Newspapers may be struggling but there’s no “woe-is-me” attitude evident in the actions of Marshall Helmberger, publisher of the Timberjay Newspapers of Tower. The small newspaper covers the area around Tower and Ely and when puzzling news of change orders and code violations surfaced in a $78 million project to renovate St. Louis County Schools Helmberger wanted to know why.
Using the Minnesota Data Practices Act, he requested a copy of the subcontracting agreement between Johnson Controls, the builder and Architectural Resources Inc. The Milwaukee-based Johnson Controls objected and an administrative law judge backed the company up.
On Oct. 9, the Minnesota Court of Appeals ruled that Johnson Controls performed a governmental function and its contract was public data — open to citizens and journalists alike to peruse.
Helmberger should be commended for his willingness to legally challenge the big company and hold them accountable. Legal battles are expensive and his fight benefits everyone who is interested in transparency in government — not just his own newspaper. His fight is not over, however, because the firm had earlier indicated it could fight the battle all the way up to the Minnesota Supreme Court. More legal bills are likely to pile up for the newspaper.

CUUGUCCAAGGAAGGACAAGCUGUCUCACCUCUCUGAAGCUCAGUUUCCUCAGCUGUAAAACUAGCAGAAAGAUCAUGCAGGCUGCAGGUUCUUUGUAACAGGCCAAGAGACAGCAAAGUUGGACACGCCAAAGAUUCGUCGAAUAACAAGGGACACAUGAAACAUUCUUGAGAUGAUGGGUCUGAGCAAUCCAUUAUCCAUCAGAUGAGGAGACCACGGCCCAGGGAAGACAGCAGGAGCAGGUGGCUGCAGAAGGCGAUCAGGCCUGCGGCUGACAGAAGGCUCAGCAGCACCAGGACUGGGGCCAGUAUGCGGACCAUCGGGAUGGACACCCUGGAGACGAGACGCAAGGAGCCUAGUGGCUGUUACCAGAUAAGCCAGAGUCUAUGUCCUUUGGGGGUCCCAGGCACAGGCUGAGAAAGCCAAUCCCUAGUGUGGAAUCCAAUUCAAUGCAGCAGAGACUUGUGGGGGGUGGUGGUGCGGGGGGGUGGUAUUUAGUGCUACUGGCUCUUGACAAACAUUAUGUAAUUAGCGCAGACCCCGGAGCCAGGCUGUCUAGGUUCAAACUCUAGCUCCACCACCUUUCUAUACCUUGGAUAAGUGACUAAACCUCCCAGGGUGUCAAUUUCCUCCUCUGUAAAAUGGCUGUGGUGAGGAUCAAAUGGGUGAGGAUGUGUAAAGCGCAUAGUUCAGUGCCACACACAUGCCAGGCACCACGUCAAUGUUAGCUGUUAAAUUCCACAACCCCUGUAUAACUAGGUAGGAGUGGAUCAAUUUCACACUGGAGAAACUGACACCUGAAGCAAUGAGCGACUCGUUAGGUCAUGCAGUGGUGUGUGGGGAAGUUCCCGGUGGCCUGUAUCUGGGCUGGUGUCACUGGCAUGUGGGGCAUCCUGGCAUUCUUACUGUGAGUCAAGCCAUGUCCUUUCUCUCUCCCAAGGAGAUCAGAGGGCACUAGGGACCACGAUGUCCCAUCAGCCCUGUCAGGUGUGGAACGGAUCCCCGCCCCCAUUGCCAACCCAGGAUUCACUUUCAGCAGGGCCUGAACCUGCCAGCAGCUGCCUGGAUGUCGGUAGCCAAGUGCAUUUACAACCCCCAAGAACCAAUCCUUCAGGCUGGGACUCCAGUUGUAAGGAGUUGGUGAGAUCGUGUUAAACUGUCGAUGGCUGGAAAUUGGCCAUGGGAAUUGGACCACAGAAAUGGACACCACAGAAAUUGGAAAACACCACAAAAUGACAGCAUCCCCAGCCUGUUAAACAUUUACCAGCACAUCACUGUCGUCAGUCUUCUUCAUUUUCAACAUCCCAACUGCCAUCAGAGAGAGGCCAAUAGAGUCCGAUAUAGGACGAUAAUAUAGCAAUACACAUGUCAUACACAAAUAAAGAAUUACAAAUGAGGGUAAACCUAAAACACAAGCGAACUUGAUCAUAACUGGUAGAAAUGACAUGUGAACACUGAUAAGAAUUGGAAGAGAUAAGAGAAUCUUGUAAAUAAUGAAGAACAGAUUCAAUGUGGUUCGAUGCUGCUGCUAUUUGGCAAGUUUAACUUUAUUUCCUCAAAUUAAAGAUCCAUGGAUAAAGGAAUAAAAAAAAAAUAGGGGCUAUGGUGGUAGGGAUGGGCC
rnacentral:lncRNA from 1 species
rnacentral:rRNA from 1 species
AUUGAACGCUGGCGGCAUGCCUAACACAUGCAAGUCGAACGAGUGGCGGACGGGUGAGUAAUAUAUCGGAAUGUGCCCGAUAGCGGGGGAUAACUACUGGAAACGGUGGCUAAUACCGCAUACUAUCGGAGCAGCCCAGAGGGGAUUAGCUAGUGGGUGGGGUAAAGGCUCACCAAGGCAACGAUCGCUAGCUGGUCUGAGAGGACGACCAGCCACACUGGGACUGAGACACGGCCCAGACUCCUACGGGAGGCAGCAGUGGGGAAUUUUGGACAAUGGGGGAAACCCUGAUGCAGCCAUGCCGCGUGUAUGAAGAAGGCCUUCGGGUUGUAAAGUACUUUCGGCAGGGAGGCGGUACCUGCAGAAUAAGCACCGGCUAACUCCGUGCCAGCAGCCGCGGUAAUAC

In this business climate it would have been easy for the Timberjay publisher to conclude that he just didn’t have the time or resources to launch such a daunting legal challenge to a big company. By deciding to hold the company accountable to state law he struck a blow for oversight of government actions for all Minnesota citizens.